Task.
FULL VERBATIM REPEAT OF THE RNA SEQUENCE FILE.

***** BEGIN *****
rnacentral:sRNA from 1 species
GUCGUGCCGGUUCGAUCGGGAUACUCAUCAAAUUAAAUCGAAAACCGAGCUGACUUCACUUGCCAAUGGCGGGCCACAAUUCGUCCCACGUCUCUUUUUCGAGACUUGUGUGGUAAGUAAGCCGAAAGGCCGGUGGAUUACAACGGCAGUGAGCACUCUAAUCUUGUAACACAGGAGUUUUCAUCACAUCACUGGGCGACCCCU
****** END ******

rnacentral:sRNA from 1 species
GUCGUGCCGGUUCGAUCGGGAUACUCAUCAAAUUAAAUCGAAAACCGAGCUGACUUCACUUGCCAAUGGCGGGCCACAAUUCGUCCCACGUCUCUUUUUCGAGACUUGUGUGGUAAGUAAGCCGAAAGGCCGGUGGAUUACAACGGCAGUGAGCACUCUAAUCUUGUAACACAGGAGUUUUCAUCACAUCACUGGGCGACCCCU